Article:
Boeing has announced the successful first flight of the MQ-25 Stingray. The first test example (T1) of the unmanned aerial refueler for the U.S. Navy made a successful two-hour flight from MidAmerica St. Louis Airport in Mascoutah, Illinois, on September 19.
During the sortie, T1 taxied and took off autonomously before flying a pre-determined route and recovering. In the course of the mission, basic flight and control functions were validated, as well as communications and control from a ground station. Although the flight was conducted autonomously, Boeing test pilots directed the mission from the ground throughout.
“Seeing MQ-25 in the sky is a testament to our Boeing and Navy team working the technology, systems and processes that are helping get MQ-25 to the carrier,” said Boeing MQ-25 Program Director Dave Bujold. “This aircraft, and its flight test program, ensure we’re delivering the MQ-25 to the carrier fleet with the safety, reliability, and capability the U.S. Navy needs to conduct its vital mission.”
Boeing was awarded an $805 million contract to build the MQ-25 in August 2018. The contract covers four engineering development model (EDM) aircraft. MQ-25 T1 is a company-funded test vehicle that precedes the EDM machines, feeding information into the program and validating systems and software in the effort to meet the accelerated acquisition plans of the U.S. Navy.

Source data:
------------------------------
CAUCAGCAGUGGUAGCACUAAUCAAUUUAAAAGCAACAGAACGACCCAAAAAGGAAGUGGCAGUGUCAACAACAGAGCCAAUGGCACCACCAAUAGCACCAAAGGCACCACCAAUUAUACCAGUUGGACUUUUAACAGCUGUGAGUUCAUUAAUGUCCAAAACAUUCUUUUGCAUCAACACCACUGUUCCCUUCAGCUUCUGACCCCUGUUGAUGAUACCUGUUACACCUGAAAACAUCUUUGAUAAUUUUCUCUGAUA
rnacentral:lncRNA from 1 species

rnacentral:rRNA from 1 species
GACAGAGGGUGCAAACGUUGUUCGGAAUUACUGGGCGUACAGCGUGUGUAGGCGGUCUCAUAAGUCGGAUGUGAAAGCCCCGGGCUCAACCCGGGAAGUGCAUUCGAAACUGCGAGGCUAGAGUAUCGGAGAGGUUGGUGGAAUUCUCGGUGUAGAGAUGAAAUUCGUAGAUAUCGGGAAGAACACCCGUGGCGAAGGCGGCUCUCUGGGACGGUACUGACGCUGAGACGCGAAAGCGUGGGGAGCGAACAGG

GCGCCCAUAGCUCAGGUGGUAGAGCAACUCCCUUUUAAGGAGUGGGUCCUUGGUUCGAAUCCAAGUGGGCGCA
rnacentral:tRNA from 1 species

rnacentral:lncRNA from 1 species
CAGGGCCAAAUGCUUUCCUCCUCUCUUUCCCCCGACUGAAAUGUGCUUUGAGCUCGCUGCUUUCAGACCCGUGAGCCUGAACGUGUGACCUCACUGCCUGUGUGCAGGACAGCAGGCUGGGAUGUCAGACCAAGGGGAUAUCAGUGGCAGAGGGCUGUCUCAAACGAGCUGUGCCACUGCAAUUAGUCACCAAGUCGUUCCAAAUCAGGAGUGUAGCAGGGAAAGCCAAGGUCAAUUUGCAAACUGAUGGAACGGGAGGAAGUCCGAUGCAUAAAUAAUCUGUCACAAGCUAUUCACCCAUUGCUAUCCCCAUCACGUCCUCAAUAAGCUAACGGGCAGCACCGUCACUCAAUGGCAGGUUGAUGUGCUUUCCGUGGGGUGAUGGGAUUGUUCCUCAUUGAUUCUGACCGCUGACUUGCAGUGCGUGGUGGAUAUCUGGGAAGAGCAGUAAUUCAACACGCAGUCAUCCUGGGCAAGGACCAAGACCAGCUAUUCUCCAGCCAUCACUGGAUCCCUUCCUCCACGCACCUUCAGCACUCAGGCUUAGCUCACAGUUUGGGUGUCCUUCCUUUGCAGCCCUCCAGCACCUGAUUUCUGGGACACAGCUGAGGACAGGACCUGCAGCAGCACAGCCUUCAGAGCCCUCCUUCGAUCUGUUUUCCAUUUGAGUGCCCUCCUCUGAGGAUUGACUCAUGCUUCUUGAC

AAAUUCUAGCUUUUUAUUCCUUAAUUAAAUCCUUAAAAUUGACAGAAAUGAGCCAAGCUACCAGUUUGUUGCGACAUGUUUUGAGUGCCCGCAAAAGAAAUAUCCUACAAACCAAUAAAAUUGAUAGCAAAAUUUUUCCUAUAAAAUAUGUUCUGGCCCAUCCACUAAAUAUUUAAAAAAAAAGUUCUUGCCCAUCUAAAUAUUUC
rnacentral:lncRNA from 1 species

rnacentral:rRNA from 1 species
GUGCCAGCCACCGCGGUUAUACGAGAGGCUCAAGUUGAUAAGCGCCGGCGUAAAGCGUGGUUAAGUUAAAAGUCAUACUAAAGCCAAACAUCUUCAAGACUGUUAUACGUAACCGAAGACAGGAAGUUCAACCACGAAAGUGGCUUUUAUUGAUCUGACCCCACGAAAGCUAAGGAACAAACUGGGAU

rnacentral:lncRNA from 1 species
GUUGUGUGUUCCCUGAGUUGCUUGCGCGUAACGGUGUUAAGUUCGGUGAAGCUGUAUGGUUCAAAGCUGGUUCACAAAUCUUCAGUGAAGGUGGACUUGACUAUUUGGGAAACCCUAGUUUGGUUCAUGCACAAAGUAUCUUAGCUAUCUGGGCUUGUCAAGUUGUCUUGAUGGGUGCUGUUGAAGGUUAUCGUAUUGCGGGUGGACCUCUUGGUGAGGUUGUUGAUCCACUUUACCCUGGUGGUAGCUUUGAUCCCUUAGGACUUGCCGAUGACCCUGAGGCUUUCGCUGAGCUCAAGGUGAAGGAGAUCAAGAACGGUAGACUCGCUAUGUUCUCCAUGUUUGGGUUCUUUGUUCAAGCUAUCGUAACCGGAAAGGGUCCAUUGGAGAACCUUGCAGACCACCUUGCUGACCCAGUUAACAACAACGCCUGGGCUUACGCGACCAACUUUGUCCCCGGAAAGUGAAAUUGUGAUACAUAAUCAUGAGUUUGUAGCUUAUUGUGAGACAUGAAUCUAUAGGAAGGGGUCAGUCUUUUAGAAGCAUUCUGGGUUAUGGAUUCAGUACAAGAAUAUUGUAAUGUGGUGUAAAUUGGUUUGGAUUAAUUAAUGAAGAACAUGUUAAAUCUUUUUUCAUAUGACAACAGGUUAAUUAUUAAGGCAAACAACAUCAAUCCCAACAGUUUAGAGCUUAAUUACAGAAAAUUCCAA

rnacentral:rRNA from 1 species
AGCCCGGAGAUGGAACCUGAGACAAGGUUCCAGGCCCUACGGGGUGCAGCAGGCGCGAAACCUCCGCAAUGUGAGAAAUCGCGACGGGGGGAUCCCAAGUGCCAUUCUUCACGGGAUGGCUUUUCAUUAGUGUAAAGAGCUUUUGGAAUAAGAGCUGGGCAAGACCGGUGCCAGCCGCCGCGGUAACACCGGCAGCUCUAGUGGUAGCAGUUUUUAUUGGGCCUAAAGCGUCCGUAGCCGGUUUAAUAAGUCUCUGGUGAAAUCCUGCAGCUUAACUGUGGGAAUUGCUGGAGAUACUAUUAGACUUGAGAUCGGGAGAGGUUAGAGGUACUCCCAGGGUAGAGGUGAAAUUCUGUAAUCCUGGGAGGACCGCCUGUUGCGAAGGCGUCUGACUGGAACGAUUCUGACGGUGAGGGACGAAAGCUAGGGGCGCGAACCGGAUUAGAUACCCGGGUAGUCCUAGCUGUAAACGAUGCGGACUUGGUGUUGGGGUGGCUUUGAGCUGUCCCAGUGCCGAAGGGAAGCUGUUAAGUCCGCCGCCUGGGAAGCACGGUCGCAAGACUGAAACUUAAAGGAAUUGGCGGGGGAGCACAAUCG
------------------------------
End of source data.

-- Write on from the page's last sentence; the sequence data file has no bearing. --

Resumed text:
T1 was trucked the 40 miles to MidAmerica St. Louis Airport in April from Boeing’s main plant at St. Louis-Lambert Field. The airport is a two-runway, dual-use facility shared with Scott Air Force Base. Compared with Lambert Field, MidAmerica offers far lower traffic volumes and is flexible enough to accommodate the needs of testing unmanned aircraft. Registered N234MQ, T1 was awarded an experimental airworthiness certificate by the FAA in September following ground trials.
In Navy service, the MQ-25 will be employed as a carrier-based tanker, supporting F/A-18E/F and F-35C strike fighters. Currently, the role is performed by Boeing F/A-18E/F Super Hornets loaded in the “five wet” configuration with four external fuel tanks and a “buddy” refueling pod. While the versatile Super Hornet is adequate for the role, it is not as efficient as a dedicated tanker, and its employment for air refueling reduces the number of Super Hornets available to the air wing for fighter/strike duties.
“Today’s flight is an exciting and significant milestone for our program and the Navy,” said Captain Chad Reed, manager of the Navy’s Unmanned Carrier Aviation office (PMA-268). “The flight of this test asset two years before our first MQ-25 arrives represents the first big step in a series of early learning opportunities that are helping us progress toward delivery of a game-changing capability for the carrier air wing and strike group commanders.”